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Thorp, Joseph Peter (1873–1962), journalist and typographer, was born at 9 Widcombe Crescent, Bath, on 11 May 1873, the son of William Thorp (1823–1904), then an Anglican curate at Widcombe, Somerset, and his wife, Catherine Josephine, née Atkinson (b. 1847). His parents separated in 1875 when he was two. He was brought up by his mother as a Roman Catholic at the home, in Reading, Berkshire, of his elderly and twice-widowed grandmother, Elizabeth Chester Fernie (c.1818–1898), and sent from the age of seven to Catholic boarding schools: in Stoke Poges, Buckinghamshire; Baylis House preparatory school at Salt Hill, near Slough; and then in 1885 to Stonyhurst College in Lancashire. He had been baptized Joseph Atkinson, but in adult life he adopted the name Peter.

On leaving school in 1891 Thorp entered the novitiate in the Society of Jesus. His training included being part of the community at Manresa House, Roehampton, and acting as a schoolmaster at Beaumont College, Old Windsor. In 1901, after ten years as a Jesuit, he was advised that the freer life of a secular priest might be more in keeping with his temperament, and he was sent by Cardinal Vaughan to Oscott College for further training. But at the age of twenty-nine he seemed out of place with his much younger fellow students, and he returned to lodgings in the archbishop's house in order to be a master at Westminster Cathedral choir school while completing his studies. The new archbishop of Westminster, Cardinal Bourne, declined to take responsibility for his ordination, an article on agnosticism published by Thorp under a pseudonym in the American Ecclesiastical Review having been deemed unacceptable to the church authorities.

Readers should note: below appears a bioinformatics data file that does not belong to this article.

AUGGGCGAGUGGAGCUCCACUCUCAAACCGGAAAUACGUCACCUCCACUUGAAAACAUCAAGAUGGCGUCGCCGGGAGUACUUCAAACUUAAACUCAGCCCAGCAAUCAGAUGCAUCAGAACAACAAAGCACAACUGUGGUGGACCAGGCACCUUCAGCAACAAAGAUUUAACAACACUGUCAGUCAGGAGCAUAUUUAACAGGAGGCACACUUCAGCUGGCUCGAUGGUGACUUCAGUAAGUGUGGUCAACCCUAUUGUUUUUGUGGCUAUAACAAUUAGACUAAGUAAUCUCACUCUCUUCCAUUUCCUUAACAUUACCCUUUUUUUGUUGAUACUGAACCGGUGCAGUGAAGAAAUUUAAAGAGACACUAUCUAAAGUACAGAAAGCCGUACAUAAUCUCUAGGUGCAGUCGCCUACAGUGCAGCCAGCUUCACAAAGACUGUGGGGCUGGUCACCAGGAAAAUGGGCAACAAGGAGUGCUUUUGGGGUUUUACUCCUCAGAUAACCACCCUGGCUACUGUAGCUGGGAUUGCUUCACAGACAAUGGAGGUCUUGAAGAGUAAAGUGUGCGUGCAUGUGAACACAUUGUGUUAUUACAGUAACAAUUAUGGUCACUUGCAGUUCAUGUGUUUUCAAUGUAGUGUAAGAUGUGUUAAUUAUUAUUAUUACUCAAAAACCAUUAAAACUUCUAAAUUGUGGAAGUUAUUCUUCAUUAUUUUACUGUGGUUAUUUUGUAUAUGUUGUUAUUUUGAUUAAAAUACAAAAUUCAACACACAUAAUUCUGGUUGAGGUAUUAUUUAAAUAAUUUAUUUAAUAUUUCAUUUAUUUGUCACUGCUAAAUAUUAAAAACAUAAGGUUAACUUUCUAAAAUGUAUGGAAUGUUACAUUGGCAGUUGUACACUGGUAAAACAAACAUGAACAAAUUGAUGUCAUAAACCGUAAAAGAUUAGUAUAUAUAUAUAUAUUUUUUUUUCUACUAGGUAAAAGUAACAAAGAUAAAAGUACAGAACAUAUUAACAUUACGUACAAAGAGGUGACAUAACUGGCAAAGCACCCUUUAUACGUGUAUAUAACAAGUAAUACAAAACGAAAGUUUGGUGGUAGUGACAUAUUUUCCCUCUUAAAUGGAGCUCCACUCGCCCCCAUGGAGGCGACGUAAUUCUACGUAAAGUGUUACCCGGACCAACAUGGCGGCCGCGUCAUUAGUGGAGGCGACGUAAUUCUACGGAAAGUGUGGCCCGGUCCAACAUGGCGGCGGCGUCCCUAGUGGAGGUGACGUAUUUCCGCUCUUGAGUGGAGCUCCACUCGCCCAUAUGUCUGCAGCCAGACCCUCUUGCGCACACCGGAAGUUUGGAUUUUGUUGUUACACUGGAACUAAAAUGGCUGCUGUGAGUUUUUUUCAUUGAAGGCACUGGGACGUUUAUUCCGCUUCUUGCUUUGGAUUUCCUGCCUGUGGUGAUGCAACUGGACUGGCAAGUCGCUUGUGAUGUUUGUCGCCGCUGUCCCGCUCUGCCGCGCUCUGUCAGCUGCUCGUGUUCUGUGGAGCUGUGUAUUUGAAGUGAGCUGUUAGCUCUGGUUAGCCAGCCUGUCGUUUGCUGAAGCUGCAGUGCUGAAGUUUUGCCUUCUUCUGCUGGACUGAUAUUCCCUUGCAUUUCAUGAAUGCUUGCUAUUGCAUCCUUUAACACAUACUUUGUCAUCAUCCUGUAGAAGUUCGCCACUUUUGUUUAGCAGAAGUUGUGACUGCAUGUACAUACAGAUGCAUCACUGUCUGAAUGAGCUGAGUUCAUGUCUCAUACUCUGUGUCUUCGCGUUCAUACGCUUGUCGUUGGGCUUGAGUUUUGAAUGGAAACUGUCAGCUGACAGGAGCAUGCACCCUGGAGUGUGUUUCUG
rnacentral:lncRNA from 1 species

The generosity of friends helped Thorp to recover from the shock of becoming a layman. The publisher Wilfrid Meynell gave him free food and lodging, while another Catholic publisher, Bernard Newdigate (1869–1944), gave him a temporary job as ‘a reader’. A visit in 1904 to the printing works in Leamington used by the Arden Press, the publishing side of the Art and Book Company created by Newdigate's father, aroused in Thorp a strong interest in layout and typeface design. In Newdigate's publishing office he encountered Ellen (Helen) Syrett (b. 1874), the daughter of Ernest Syrett, linen draper. They were married in Westminster Cathedral on 9 August 1905. A prize student at the Slade School of Fine Art, Helen was a Yellow Book artist known to connoisseurs as a painter of fans; she was then illustrating The Dream Garden, edited by her elder sister Netta Syrett, the novelist. They had no children. The envoi of his memoirs, Friends and Adventures (1931), implies that they were unfaithful to each other.